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Customer story

Good Nature: The smarter way to trap pests

This article was published on Jul 14, 2017, 11:37 AM

Reading time: 4 minutes

Side by side with Callaghan Innovation from the start, Goodnature has produced a humane, non-toxic trap to help efficiently trap and kill pests across the world.

What's in this article

    At a glance

    • After witnessing the inefficiencies of old traps, Goodnature developed a light and easy-to-use trap that is humane and non-toxic, and that saves time and money.
    • Having partnered with Callaghan Innovation from its early years, Goodnature has accessed a range of support and grants that have allowed the business to scale its R&D efforts particularly.
    • Goodnature is thriving. Sales are rapidly increasing, especially when it comes to exports, and with even more potential in overseas markets, opportunities are limitless. 

    We’ve been able to leap ahead with some of our research and felt confident to take on some risk. The speed and quality of our product development has increased, and we can lead the global charge in pest control.

    - Stu Barr, Co-founder, Goodnature

    Good for nature

    Especially in Aotearoa, where conservation efforts are massive, eradicating pests is a high priority.

    But after identifying that traditional, inefficient trapping methods could never keep up with pest spread, Robbie Van Dam, Stu Barr and Craig Bond founded Goodnature. 

    Goodnature has created a light and easy-to-use trap that kills humanely without the need for poisons. The automatic traps, which instantaneously kill pest animals and then reset themselves, can be used everywhere from suburban backyards to national parks.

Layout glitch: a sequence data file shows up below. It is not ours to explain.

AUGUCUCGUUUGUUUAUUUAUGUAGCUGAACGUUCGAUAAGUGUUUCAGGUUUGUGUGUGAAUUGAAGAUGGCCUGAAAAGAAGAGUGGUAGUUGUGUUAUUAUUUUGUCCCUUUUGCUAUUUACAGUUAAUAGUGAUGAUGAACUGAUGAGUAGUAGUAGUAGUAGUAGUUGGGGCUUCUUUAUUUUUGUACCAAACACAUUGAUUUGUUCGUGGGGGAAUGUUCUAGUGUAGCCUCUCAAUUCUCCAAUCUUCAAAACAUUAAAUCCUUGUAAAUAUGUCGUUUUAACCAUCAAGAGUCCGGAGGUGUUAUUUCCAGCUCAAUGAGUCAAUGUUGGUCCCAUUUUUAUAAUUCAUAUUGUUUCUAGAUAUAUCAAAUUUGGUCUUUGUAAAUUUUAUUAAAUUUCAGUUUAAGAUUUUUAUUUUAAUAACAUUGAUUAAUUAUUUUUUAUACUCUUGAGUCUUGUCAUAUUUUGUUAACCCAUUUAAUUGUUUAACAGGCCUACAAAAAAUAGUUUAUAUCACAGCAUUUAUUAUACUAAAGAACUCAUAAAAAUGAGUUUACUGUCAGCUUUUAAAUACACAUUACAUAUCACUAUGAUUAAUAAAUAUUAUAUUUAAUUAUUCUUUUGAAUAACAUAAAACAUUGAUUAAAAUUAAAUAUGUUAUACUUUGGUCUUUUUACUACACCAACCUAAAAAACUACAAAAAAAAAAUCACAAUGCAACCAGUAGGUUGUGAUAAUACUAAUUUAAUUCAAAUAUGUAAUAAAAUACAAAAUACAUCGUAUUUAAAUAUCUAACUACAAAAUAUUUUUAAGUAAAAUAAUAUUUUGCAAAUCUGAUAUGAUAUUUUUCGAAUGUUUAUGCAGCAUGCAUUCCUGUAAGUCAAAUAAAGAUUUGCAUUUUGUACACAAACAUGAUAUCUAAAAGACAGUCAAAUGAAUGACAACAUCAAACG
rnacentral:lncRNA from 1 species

[Robbie Van Dam]

    Goodnature makes automatic humane non-toxic traps for controlling pest species around the planet, in New Zealand it’s controlling primarily rats but stoats possums and hedgehogs, mice, all sorts of species. The biggest issue with with single set traps of the ongoing maintenance so doesn't matter how cheap you make the trap the ongoing maintenance is horrendously expensive the other end of the spectrum is things like toxins and the issue with toxins is how uncontrolled they are so you end up affecting species that you weren't meant to there's nothing on the planet that does what our product does, from the outset we've had a global view so rather than making or designing New Zealand centric products we've always we've always had a view that there's biodiversity decline happening across the planet New Zealand has been fantastic at ground proving the product and also we're incredibly tough task masters, so we have very very tough conditions to achieve and we also have high expectations of the product. Callaghan has been with us for a couple of years now mostly providing us scientific insights but more recently it's about supporting our R&D growth and our products are all about innovative technology so you know we'd be lost without it. When we arrived in global markets we're infinitely better than anything else has been produced in the past five years we've doubled and doubled every sort of six to eight months and to a company now, that's about 35 people so now it's primarily about maintaining the product we’ve currently got generating new offerings through R&D and producing products to support our growing market globally.